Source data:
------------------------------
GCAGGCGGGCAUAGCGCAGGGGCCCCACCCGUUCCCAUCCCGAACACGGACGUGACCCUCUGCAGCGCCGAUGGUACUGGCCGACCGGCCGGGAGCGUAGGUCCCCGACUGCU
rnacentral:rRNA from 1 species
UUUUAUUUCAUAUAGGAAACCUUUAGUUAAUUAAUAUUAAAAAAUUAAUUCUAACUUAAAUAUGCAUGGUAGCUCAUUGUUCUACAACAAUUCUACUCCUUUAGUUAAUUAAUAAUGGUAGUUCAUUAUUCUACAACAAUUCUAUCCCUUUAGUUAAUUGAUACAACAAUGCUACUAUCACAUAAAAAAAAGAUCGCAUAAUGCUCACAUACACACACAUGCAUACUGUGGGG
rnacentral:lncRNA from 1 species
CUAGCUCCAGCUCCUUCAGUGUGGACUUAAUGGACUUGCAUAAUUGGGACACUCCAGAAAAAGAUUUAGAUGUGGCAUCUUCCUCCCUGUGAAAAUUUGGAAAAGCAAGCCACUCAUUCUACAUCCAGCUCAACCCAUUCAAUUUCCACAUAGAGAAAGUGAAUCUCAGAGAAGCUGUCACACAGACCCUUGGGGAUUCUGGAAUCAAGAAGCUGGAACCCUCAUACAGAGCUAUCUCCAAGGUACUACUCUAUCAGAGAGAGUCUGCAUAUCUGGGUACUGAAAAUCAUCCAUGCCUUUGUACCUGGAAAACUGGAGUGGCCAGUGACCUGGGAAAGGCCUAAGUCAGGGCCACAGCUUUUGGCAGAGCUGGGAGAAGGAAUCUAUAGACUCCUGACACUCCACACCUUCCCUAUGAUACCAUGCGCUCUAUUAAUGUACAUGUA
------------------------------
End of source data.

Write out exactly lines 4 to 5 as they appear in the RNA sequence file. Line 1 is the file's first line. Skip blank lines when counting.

rnacentral:lncRNA from 1 species
CUAGCUCCAGCUCCUUCAGUGUGGACUUAAUGGACUUGCAUAAUUGGGACACUCCAGAAAAAGAUUUAGAUGUGGCAUCUUCCUCCCUGUGAAAAUUUGGAAAAGCAAGCCACUCAUUCUACAUCCAGCUCAACCCAUUCAAUUUCCACAUAGAGAAAGUGAAUCUCAGAGAAGCUGUCACACAGACCCUUGGGGAUUCUGGAAUCAAGAAGCUGGAACCCUCAUACAGAGCUAUCUCCAAGGUACUACUCUAUCAGAGAGAGUCUGCAUAUCUGGGUACUGAAAAUCAUCCAUGCCUUUGUACCUGGAAAACUGGAGUGGCCAGUGACCUGGGAAAGGCCUAAGUCAGGGCCACAGCUUUUGGCAGAGCUGGGAGAAGGAAUCUAUAGACUCCUGACACUCCACACCUUCCCUAUGAUACCAUGCGCUCUAUUAAUGUACAUGUA